"The last time we dined here, some three years ago, a Michelin VIP was sitting two tables away, and the chewy beef that was the least convincing element in the meal and was instrumental in our not returning before now was clearly also experienced by her companion. Daniel Clifford kept his two stars, though, and currently keeps getting rave reviews, so it seemed reasonable to give it another chance, and here we go with another rave review! Everything about this visit showed just what some arrivistes need to learn; the welcome was warm, the dining room perfect in all respects, the table very suitably situated with a view of the kitchen, and the staff (mostly French) the epitome of properly schooled, relaxed, engaging and knowledgeable personnel. Once again chef was not in the kitchen, but in this case, just as we have noted in some other top-class restaurants, it did not appear to make the slightest difference to the superior quality of the cooking. The ten course tasting menu no longer exists and has been replaced by a more manageable eight course version, which happily also means a smaller wine flight, and my wife, for the first time in our memories, was permitted to have half measures, a matter for congratulation to Midsummer and an indication of the classy self-confidence this restaurant radiates. The champagne trolley gave us the wherewithal to properly enjoy our excellent canapÃ©s of cream cheese balls, smoky beetroot with goatâ€™s cheese and crispy ham hock and piccalilli. A sort of pre-amuse bouche comprising Bloody Mary foam and celeriac sorbet was one of the best ever and really started the palate working. The amuse bouche proper was a dish where the beauty of the appearance, especially the arrangement of the avocado on the plate, matched the lovely taste combination of the crab, the sorrel granita and the avocado. This was succeeded by a dish which was a piece of restrained but effective theatre with super new English asparagus wrapped in foil perfectly cooked in beurre noisette on a heated stone at the table and suitably backed up with burnt onions, mushrooms, and fresh green and pickled asparagus in deep-fried potato with clever cubes of aerated sauce hollandaise; this was a triumph. The next course was a balancing act of Granny Smith jelly, celeriac cooked with truffle to give a whole new taste experience, sautÃ©ed scallop, the sweetness of which was beautifully contrasted against a love apple caramel blob and apple batons; another winner. The surprise combinations kept on coming with the super sautÃ©ed duck liver with tangerine jelly and gingerbread crumbs prettified by a salad of red chicory and little pear discs and a further occasion to murmur with pleasure. Brill has become a restaurant staple, but the presentation, the perfect fish and the amazing flavours of the razor clams, the stupendous squid ink cake, the cuttlefish and, in particular, the battered samphire left us asking for more. No room for that, though, as we moved on to some splendid, although admittedly French, pigeon with just the right level of gaminess and sprinkled with a sort of puffed wheat crunch, the crispy leg absolutely sensational, and the balance achieved with the morels and the wild garlic a demonstration of high cooking skills. The intriguing pre-dessert was a clever coalescence of blueberries, chocolate and aerated pear with fresh blueberries inside, and this set us up perfectly for our final treat, delicious passion fruit jelly with yoghurt sorbet, and chocolate biscuit and passion fruit meringue as the texture and taste contrast. Our impression was that the style had changed for the better for this was a super experience and we have no hesitation in eating our words and saying that, for us, this was three star category fine dining."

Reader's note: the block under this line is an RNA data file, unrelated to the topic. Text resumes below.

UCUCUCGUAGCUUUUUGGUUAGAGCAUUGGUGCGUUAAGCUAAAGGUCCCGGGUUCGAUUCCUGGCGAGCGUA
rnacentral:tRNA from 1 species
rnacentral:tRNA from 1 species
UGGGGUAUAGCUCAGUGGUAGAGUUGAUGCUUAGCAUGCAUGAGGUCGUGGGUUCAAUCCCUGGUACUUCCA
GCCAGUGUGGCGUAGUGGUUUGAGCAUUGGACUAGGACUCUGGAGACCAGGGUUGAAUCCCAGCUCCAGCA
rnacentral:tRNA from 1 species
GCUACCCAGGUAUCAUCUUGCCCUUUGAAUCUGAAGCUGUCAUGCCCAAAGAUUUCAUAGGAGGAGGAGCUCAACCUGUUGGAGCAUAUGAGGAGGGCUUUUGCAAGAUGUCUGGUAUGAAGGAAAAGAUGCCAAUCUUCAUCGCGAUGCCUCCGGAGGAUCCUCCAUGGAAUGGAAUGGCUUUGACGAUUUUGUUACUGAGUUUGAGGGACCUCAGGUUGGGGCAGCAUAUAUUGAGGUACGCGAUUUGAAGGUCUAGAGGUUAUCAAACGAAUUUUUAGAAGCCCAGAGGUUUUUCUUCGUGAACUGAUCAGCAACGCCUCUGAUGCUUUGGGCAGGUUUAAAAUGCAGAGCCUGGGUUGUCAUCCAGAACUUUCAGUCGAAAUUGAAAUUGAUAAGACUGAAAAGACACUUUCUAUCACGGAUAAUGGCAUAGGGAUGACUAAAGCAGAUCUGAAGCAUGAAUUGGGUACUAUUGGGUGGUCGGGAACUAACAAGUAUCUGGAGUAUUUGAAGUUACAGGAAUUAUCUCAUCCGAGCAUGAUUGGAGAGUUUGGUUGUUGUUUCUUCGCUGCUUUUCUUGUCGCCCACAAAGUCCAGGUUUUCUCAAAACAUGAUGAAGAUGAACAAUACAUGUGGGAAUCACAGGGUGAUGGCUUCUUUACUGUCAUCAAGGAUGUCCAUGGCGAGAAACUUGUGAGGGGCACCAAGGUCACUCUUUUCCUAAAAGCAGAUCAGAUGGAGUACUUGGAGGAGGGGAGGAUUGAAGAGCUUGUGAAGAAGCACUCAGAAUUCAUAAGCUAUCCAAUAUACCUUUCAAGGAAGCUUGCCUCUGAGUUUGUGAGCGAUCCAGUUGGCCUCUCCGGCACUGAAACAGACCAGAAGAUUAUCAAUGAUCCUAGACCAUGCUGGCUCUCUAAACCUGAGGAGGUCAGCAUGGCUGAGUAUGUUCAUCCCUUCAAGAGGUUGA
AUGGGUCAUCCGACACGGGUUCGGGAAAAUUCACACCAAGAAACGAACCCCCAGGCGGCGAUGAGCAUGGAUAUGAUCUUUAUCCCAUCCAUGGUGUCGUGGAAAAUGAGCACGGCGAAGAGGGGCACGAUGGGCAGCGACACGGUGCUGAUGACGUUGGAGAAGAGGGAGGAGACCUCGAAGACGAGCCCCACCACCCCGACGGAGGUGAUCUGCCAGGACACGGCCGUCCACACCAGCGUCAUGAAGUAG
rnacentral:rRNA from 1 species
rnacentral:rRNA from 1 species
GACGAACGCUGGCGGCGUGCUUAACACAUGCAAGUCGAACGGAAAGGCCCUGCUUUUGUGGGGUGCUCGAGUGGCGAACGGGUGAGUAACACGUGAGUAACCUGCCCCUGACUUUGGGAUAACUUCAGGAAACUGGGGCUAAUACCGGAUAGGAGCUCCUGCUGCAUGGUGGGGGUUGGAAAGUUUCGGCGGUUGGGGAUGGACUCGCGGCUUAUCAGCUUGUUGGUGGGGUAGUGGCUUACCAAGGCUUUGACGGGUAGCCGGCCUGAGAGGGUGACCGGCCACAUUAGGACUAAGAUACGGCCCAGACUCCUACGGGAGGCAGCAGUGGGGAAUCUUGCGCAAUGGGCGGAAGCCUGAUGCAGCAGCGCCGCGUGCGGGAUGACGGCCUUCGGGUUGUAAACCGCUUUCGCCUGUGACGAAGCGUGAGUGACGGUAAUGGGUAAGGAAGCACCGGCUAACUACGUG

"Saturday diner tasting menu. Some simply amazing dishes here especially to start with but did fade away towards the end though. Service was very good and appropriately engaging however at times the staff seemed in competition with each other rather than working together. Ambience was nice and being in a conservatory worked surprisingly well."
"Absolutely incredible food, I don't think I've ever had scallops that good. Wait staff did an excellent job of looking after us and were surprisingly down-to-earth."
"Far superior to our previous visit when it felt that Clifford was pushing out his Great British Menu successes without much thought to flavour. On the ten course taster menu every course from bar one excellent. Service superb, notably from the sommelier who guided us through the flight of wines from around the world with real charm. Lovely to have coffee in the garden afterwards. Dining room still feels a bit like a furniture village showroom."
Midsummer Common, Cambridge, CB4 1HA
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lunch noon - 1.30 pm, dinner 7 pm - 9.30 pm
Last orders: Mon closed, Tue - Sat 9.30 pm, Sun closed